Shorebird Viewing at Grays Harbor National Wildlife Refuge

Along the Refuge's Sandpiper Trail, shorebirds can be viewed from a number of spots. During peak viewing times, volunteers with scopes will be available to help answer questions.

Free Guided Walks Guided walks will be held on Friday from 12:15pm - 3:00pm and Sunday from 1:15pm-3:45pm. Meet at the Refuge Kiosk on Airport Way. These walks are free and open to the public.

The Shuttle Bus A Shuttle Bus will run continuously between Hoquiam Middle School and the Sandpiper Trail from 8am and 3pm on Saturday and Sunday. The suggested donation is $1 per rider.

Information on shorebird species at Grays Harbor.

Best viewing times:

Friday, May 3

High tide at Refuge: 1:25pm

Best viewing times: 10:25am - 4:25pm

Saturday, May 4

High tide at Refuge: 2:11pm

Best viewing times: 11:11am - 5:11pm

Sunday, May 5

High tide at Refuge: 2:57pm

Best viewing times: 11:57am - 5:57pm

Least Sandpiper Photo by Tom Rowley

At the Refuge, shorebirds can be viewed best during the period about 3 hours before to 3 hours after high tide. During high tide, birds are closer and more concentrated for better viewing. However, weather conditions such as wind and storms can greatly alter tides in Grays Harbor so good shorebird viewing is dependent on a number of factors and can be unpredictable. For coastal viewing, tidal cycles are not as critical. High tides along the coast are about 20 minutes earlier than at the Refuge.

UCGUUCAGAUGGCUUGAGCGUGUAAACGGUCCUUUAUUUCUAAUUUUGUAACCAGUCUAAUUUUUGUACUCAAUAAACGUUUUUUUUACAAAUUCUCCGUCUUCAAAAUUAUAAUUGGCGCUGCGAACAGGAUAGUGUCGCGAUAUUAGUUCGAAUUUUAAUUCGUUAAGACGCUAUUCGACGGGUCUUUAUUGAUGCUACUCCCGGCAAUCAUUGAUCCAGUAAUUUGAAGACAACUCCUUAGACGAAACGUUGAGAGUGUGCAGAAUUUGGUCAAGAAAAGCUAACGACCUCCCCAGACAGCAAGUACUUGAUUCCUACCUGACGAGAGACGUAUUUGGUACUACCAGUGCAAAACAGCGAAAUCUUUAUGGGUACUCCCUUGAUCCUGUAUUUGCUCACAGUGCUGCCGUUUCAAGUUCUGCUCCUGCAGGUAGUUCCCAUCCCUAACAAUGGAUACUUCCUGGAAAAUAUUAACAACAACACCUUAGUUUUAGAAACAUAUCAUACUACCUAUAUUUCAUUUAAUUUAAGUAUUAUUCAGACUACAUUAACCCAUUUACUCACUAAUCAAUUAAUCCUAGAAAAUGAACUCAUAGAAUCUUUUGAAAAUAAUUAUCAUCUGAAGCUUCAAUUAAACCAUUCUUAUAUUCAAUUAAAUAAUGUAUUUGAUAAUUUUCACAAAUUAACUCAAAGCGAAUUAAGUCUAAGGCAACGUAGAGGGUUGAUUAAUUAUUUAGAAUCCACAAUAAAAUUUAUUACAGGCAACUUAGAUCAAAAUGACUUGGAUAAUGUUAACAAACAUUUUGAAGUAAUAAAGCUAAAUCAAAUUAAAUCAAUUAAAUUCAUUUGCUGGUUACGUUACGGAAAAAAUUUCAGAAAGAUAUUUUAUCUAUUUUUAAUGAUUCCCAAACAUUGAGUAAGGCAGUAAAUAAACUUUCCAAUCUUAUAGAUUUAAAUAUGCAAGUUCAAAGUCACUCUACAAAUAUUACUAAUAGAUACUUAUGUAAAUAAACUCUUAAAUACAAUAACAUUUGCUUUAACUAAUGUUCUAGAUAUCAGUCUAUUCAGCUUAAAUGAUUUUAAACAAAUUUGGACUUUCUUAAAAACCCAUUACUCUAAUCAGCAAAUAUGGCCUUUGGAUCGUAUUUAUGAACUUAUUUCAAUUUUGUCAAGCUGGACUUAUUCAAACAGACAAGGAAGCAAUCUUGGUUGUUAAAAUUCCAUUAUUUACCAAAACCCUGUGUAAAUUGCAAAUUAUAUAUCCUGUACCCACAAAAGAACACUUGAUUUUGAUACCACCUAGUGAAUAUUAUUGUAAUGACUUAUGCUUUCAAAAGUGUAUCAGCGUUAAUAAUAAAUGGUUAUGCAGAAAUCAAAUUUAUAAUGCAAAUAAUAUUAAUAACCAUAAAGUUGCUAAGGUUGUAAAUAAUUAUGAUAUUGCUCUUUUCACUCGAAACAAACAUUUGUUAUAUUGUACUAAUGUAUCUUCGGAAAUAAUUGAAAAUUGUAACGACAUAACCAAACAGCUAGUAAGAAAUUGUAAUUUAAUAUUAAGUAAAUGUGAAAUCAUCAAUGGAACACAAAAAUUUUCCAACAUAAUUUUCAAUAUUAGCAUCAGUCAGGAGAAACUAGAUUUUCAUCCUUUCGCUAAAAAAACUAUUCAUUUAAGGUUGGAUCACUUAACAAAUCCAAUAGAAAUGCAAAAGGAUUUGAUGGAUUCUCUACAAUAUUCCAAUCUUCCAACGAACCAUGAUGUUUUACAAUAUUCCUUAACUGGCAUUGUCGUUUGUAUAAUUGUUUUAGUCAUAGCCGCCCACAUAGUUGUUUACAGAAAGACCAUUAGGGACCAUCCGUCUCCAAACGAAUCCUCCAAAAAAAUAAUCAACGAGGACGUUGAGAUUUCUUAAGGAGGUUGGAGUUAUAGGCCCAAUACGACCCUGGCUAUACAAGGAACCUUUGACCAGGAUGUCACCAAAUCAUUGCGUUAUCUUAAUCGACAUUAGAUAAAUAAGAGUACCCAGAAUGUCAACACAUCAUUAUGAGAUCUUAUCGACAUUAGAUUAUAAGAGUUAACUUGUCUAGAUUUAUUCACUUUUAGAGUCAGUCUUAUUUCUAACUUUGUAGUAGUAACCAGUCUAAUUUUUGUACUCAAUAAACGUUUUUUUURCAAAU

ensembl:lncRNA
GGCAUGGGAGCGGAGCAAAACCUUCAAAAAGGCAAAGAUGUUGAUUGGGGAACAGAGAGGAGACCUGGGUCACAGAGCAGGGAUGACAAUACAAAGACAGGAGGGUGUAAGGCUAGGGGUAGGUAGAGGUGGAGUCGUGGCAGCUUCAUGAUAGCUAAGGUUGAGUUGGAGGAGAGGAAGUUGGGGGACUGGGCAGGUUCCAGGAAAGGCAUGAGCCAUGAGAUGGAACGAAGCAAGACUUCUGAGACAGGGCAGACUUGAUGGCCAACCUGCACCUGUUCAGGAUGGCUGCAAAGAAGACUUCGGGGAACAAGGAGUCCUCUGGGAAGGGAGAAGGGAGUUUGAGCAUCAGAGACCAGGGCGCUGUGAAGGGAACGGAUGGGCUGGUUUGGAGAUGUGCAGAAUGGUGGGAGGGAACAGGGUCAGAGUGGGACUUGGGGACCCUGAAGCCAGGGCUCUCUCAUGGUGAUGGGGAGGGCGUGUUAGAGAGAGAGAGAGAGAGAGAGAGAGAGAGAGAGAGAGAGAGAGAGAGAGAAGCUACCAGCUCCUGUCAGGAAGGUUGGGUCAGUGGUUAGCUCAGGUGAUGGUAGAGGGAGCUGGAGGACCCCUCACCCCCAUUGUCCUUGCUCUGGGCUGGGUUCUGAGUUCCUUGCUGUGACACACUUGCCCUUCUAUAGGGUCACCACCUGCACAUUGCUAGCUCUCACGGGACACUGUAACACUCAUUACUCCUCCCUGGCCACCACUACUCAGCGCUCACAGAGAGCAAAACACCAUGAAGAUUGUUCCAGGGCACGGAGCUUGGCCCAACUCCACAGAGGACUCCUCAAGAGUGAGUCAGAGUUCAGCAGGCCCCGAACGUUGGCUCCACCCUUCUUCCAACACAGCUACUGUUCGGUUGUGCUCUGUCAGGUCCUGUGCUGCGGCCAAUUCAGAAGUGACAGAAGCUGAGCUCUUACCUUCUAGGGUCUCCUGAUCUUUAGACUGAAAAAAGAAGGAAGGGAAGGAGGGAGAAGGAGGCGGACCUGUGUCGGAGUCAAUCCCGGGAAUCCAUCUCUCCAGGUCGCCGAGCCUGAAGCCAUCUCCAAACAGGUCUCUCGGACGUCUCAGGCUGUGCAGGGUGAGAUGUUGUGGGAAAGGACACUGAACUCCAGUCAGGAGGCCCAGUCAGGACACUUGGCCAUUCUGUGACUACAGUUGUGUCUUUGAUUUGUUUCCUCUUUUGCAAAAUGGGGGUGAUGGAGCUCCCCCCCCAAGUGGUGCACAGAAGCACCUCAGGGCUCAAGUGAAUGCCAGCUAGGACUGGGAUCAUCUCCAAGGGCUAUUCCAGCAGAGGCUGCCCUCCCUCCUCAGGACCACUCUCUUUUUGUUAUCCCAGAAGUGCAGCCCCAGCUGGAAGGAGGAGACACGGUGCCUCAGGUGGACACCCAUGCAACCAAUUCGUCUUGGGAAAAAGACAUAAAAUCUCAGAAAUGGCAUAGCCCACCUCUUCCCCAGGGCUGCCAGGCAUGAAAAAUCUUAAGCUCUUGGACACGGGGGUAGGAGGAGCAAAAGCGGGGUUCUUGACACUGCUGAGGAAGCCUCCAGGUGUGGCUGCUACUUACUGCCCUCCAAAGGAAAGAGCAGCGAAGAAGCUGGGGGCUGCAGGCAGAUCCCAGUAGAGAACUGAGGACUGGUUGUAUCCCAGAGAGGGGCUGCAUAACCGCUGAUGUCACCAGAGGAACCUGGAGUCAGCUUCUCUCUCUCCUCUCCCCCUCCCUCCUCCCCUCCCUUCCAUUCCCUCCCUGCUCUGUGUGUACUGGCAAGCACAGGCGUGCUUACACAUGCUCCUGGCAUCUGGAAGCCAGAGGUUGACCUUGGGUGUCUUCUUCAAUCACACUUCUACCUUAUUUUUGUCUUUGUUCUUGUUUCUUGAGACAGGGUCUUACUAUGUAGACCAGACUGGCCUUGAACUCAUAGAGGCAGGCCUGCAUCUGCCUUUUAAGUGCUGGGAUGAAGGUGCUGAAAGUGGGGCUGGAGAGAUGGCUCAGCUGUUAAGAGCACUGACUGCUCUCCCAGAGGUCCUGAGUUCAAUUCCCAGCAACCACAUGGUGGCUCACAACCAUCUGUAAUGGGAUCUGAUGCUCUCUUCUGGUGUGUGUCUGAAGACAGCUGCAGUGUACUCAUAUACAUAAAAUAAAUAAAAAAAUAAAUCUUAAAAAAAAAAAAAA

Water Level Information: Storms generally cause higher surface water conditions in the estuary for a few reasons:

1) Heavy rains in previous days cause rivers and hillsides to rapidly drain into the estuary, which can add to tide level. If soils are saturated count on quick, heavy runoff.

2) On-shore winds push water into the dead-end (bathtub-like) basin and as it fills, mudflats become inundated and can flood into the saltmarsh. Of course strong winds exacerbate the situation.

3) Low atmospheric pressure (associated with stormy conditions) allows tide waters to rise vs high atmospheric pressure which pushes down on the water surface. These conditions, often in combination, cause the tide to come in as much as 2-3 hours early and cause tide levels to be above predicted tide peak levels. Check the predicted tide level for 'Aberdeen' and consider the recent and current weather conditions to plan an appropriate arrival time. Plan your trip and expect to spend a few hours to maximize viewing potential.

Generally tides at or near 8-8.5' are good for consolidating shorebirds into limited area of mud flat and make viewing easier. However, higher water levels (predicted or not) cause water to cover more mud. So that means go early to see them before water covers the mudflat and stay until the tide recedes to see the birds come back and resume feeding.

Grays Harbor NWR on eBird

Semi-Palmated Plover Photo by John Whitehead

Previous Year's Bird Lists

2019 shorebird survey results
2018 shorebird survey results
2017 shorebird survey results
2016 shorebird survey results

Greater Yellowlegs Photo by John Whitehead